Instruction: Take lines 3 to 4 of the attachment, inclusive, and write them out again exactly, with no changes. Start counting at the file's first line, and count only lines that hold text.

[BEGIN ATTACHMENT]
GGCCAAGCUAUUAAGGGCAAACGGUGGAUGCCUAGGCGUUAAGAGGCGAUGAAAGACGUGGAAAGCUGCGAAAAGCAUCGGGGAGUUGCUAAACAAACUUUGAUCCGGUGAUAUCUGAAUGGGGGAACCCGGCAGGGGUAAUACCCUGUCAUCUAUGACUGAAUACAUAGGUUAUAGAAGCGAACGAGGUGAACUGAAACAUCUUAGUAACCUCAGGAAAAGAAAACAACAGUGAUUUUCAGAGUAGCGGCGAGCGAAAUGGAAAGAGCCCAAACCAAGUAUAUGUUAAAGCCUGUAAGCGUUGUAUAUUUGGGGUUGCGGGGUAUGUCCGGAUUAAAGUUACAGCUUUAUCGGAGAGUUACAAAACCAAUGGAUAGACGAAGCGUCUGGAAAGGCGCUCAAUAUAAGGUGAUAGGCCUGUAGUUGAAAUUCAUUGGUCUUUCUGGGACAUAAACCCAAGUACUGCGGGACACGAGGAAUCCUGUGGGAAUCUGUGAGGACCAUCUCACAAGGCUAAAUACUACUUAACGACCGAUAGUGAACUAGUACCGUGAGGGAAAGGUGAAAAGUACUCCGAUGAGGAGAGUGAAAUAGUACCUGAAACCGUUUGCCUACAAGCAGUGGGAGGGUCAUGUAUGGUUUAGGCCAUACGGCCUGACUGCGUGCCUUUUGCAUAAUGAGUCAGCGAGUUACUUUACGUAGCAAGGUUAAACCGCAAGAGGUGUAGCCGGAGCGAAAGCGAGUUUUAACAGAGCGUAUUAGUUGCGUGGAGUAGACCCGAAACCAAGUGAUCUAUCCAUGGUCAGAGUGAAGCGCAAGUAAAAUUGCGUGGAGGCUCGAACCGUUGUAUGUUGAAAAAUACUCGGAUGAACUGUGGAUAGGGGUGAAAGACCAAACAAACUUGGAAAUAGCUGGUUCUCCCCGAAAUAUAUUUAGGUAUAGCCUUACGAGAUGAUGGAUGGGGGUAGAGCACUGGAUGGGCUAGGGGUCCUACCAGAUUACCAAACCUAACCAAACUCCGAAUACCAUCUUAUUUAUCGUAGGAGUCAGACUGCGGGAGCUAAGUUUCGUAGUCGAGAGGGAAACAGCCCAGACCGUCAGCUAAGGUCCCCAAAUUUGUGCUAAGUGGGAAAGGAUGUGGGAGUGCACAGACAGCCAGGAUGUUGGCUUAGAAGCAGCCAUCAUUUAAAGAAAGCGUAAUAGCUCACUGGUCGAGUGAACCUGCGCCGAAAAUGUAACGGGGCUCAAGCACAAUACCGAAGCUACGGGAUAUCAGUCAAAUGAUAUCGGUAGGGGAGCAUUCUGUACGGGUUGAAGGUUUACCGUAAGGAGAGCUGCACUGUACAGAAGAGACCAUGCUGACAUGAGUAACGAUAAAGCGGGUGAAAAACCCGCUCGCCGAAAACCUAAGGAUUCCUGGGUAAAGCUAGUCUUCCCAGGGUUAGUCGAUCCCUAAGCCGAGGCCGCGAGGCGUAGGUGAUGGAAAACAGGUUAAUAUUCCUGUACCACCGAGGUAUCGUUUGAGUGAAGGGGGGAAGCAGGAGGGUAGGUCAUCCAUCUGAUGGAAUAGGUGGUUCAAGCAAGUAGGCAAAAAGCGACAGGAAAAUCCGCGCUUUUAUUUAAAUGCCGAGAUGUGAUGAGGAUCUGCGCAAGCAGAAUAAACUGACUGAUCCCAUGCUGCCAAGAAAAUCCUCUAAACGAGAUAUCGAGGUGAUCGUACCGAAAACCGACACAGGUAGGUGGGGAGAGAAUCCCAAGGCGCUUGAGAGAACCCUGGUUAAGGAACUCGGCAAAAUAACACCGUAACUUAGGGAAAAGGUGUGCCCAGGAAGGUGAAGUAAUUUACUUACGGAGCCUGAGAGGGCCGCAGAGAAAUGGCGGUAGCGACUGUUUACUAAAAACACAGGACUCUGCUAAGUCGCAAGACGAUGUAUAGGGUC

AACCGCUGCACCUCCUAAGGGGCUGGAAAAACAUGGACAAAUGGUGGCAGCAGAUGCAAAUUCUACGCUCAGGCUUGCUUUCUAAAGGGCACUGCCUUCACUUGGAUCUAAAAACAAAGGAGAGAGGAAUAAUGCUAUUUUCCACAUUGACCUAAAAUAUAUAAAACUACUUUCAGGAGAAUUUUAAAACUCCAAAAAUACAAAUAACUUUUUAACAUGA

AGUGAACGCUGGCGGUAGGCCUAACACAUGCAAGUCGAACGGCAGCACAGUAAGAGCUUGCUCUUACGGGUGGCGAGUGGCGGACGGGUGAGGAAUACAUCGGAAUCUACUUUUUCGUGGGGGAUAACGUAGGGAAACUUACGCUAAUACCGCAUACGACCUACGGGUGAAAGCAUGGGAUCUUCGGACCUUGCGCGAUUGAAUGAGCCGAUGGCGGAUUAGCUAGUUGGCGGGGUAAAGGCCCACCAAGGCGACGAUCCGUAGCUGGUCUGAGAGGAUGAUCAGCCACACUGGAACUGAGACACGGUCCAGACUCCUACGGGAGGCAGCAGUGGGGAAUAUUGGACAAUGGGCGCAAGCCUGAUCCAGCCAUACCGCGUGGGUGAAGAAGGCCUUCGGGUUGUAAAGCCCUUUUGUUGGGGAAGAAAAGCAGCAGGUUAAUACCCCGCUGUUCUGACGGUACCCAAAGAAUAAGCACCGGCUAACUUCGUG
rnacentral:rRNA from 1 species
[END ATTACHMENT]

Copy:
AGUGAACGCUGGCGGUAGGCCUAACACAUGCAAGUCGAACGGCAGCACAGUAAGAGCUUGCUCUUACGGGUGGCGAGUGGCGGACGGGUGAGGAAUACAUCGGAAUCUACUUUUUCGUGGGGGAUAACGUAGGGAAACUUACGCUAAUACCGCAUACGACCUACGGGUGAAAGCAUGGGAUCUUCGGACCUUGCGCGAUUGAAUGAGCCGAUGGCGGAUUAGCUAGUUGGCGGGGUAAAGGCCCACCAAGGCGACGAUCCGUAGCUGGUCUGAGAGGAUGAUCAGCCACACUGGAACUGAGACACGGUCCAGACUCCUACGGGAGGCAGCAGUGGGGAAUAUUGGACAAUGGGCGCAAGCCUGAUCCAGCCAUACCGCGUGGGUGAAGAAGGCCUUCGGGUUGUAAAGCCCUUUUGUUGGGGAAGAAAAGCAGCAGGUUAAUACCCCGCUGUUCUGACGGUACCCAAAGAAUAAGCACCGGCUAACUUCGUG
rnacentral:rRNA from 1 species